Aurora quadriplegic girl’s story helps raise funds, spirits

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Savannah Barish isn’t one to struggle to find the words.

The 11-year-old dance enthusiast who goes by “Sassy” will happily point out that’s she’s adorable, and regularly reminds her nurses that working with her is something of an honor.

So when Children’s Hospital Colorado officials approached the 11-year-old — who has been a Children’s patient since a car crash left her a quadriplegic in 2015 — about helping with last week’s radiothon fundraiser, she jumped at the chance.

The hospital holds a special place for her, and Savannah said she hopes her many appearances on the radio last week could help inspire other kids.

Plus, it was a chance to help out the hospital that helped her.

“I like that they try to get to know you, you’re not just a patient, you’re more like family,” she said, between playfully pestering her former nurse on a recent afternoon at Children’s.

Last week’s Alice 105.9 Cares for Kids radiothon raised $1.25 million for the Children’s Miracle Network Hospitals benefiting Children’s Hospital Colorado. The two-day radiothon, broadcast live on KALC, started at 6 a.m. Feb. 9,and wrapped up 36 hours later, at 6 p.m. Feb. 10.

Savannah was one of several past or current Children’s patients and staffers who made appearances during the event.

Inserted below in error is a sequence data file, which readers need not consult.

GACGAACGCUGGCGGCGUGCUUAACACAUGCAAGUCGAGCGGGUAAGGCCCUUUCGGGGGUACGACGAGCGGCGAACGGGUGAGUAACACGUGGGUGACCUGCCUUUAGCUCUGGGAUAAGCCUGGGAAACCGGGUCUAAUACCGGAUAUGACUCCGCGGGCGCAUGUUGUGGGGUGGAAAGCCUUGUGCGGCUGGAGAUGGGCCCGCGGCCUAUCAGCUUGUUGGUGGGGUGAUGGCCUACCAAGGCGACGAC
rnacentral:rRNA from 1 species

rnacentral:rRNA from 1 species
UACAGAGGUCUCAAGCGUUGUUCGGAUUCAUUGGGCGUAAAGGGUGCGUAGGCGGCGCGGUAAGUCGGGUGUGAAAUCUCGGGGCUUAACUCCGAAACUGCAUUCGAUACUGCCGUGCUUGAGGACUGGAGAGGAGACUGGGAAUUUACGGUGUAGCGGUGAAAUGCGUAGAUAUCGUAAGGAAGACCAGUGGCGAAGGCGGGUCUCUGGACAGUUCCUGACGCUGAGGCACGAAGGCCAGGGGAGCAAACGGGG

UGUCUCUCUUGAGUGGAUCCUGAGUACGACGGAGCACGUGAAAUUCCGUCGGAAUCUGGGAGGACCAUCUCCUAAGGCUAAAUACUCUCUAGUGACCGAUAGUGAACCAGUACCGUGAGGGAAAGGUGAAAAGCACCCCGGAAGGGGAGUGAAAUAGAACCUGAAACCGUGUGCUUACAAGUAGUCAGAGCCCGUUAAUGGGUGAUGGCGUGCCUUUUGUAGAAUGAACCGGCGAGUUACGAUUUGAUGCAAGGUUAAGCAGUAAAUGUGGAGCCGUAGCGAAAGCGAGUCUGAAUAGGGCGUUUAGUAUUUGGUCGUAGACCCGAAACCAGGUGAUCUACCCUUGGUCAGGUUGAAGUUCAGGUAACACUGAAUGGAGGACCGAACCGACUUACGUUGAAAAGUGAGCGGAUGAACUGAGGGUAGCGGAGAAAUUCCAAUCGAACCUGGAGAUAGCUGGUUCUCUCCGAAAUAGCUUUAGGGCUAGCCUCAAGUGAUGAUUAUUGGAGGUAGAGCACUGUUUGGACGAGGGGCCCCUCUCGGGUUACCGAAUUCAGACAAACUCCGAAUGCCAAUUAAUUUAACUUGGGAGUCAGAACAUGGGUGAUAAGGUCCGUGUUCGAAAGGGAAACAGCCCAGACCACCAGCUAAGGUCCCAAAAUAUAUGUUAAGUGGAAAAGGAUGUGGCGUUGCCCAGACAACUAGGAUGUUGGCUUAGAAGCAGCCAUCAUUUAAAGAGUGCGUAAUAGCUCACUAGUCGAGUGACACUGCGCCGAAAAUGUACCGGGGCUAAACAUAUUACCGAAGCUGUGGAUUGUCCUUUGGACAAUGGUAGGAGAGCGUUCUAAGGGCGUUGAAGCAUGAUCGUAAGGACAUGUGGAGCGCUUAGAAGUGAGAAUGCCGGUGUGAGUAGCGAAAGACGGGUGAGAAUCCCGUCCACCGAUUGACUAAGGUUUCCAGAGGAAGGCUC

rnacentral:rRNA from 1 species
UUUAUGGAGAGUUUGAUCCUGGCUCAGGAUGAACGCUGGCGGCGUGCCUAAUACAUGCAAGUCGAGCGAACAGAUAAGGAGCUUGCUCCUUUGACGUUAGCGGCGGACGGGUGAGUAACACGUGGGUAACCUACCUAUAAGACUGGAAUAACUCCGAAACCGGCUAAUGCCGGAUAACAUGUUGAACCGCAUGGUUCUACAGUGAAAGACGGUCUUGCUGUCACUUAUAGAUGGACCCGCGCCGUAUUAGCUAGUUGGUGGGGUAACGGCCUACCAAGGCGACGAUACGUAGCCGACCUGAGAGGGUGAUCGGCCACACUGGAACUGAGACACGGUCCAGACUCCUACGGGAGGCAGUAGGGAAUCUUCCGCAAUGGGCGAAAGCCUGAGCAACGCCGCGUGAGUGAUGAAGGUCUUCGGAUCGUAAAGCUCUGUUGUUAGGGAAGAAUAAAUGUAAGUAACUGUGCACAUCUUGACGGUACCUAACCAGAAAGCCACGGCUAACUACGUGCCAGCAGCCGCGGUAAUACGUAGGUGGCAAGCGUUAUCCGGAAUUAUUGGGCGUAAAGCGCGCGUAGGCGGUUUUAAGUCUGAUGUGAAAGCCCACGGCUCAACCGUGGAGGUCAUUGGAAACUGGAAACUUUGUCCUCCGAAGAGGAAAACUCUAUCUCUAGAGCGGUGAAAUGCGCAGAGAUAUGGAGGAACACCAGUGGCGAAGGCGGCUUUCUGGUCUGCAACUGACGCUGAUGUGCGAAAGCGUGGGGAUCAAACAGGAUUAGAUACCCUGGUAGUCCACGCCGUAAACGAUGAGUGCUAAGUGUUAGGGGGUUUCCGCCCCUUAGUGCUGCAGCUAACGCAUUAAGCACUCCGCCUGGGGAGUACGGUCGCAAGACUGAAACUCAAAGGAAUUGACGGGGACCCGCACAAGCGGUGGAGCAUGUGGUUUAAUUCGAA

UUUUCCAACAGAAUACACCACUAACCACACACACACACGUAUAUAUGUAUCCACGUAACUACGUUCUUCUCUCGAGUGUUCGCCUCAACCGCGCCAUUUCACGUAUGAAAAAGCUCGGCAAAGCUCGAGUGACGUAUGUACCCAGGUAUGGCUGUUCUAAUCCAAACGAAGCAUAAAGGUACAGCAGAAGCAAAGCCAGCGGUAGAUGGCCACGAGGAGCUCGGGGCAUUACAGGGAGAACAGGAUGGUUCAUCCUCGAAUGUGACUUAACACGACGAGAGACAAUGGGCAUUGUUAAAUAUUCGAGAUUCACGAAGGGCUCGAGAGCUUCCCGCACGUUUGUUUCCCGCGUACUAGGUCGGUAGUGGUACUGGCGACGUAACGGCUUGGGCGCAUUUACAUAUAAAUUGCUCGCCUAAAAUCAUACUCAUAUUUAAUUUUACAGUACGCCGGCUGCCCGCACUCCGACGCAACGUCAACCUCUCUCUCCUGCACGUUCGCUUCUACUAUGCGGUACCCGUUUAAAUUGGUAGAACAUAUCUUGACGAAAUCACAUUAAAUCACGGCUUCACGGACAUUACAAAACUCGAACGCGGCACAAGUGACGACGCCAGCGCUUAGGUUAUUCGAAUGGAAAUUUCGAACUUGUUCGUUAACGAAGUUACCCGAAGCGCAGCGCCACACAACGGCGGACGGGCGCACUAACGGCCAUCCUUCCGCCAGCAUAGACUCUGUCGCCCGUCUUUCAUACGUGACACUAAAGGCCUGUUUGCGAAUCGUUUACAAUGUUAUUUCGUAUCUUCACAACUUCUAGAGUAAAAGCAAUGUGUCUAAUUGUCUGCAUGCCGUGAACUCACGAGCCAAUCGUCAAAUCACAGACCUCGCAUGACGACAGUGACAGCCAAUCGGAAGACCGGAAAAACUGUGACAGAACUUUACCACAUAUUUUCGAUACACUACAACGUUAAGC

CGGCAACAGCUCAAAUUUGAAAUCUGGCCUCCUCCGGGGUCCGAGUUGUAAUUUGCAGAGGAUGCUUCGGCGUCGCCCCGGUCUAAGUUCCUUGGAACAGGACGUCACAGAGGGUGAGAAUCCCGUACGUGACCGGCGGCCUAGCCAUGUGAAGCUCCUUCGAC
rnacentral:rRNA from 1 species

Over the past 16 years, the event has raised almost $22 million, according to the hospital.

“I was shocked at how much money they made,” Savannah said, before turning a knowing glare to her nurse. “Did you donate?”

The nurse affirmed she had.

Savannah first came to Children’s in July 2015 after a major car accident left her seriously hurt.

Her mom, Heather Barish, said Savannah stayed at Children’s through October of that year, a three-month stretch that included the precocious kid’s 10th birthday.

That’s a shorter stay than many Children’s patients, Heather added, but it was nerve-wracking.

“It still seemed like forever,” she said.

Now, Savannah returns about every 90 days to see pulmonary specialists at the hospital.

“This is a great fit for her,” Heather said.

The doctors at Children’s have a knack for being upfront with parents, she said, regardless of how serious their child’s injuries might be.

“What I liked is they were just pretty straightforward and blunt,” Heather said.

Plus, there’s always an air of positivity at the hospital that Heather said rubbed off on Savannah and now, her, too.

“She is so positive about the whole thing. I just can’t not be,” she said.

After her hospital stay, Savannah started designing hospital gowns for other patients at Children’s. The gown she first received was a bit “ugly,” Savannah said, so she wanted something prettier.

Heather Barish said so far the program, “Sassy Savvy’s,” has given away about 600 gowns and she has another 700 almost ready to go.

“It’s a huge passion for her,” she said.

Looking forward, Savannah wants to be a nurse who works with infants, Barish said. And she’d like to do that at Children’s Hospital.